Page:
Hot–toddies can indeed be an agreeable consequence to a mild illness. I have been known, when younger, to go out of my way to catch a cold so I had an excuse to finish a bottle of rather good whisky—I am occasionally fond of single malt, particularly an Islay.

image: mayo

I also got to know Russian vodka when I visited the Soviet Union (as was) about twelve years ago now, although was not able to follow up my introduction because I could not get much more than the occasional Stolichnya over here then. I also gained my first introduction to Czech beer then, and have to admit that their bottled beer is still one hell of a lot better than anything produced in a bottle in the UK—but that’s because they add all kinds of crap to British beer to give it a shelf life of nine months.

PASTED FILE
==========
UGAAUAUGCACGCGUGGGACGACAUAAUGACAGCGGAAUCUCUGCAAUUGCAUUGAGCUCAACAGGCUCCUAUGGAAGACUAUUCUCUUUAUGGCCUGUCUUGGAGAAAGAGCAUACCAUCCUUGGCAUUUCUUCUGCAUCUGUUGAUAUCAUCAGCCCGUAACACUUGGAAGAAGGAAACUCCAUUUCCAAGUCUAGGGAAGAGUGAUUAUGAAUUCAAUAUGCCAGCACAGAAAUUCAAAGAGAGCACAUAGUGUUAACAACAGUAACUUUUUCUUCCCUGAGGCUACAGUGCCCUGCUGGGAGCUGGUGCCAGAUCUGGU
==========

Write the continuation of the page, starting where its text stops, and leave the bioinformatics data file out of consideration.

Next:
I generally agree with your comments about American beer, but I have to rush to defend some of the micro–breweries on the west coast, particularly in Seattle. There are some excellent brews there. I do wonder, though, about the habit of carpeting the floor with empty peanut shells. What do you mean by bitters—I assume not amber—do you mean something flavoured with Angostura?

I am rather fond of a good wine. For a white, I enjoy something fruity and dry, such as a good Chardonnay—and, for reds, especially with a curry, there’s nothing to beat a Claret or a good Bordeaux. Yes, my tastes in wine are exceedingly traditional. The current fashions over here are for South African, and, less so, Australian, which is petering out a bit. I’ve got about twenty bottles (mostly French) in the kitchen, slowly being drunk, as the mood determines.

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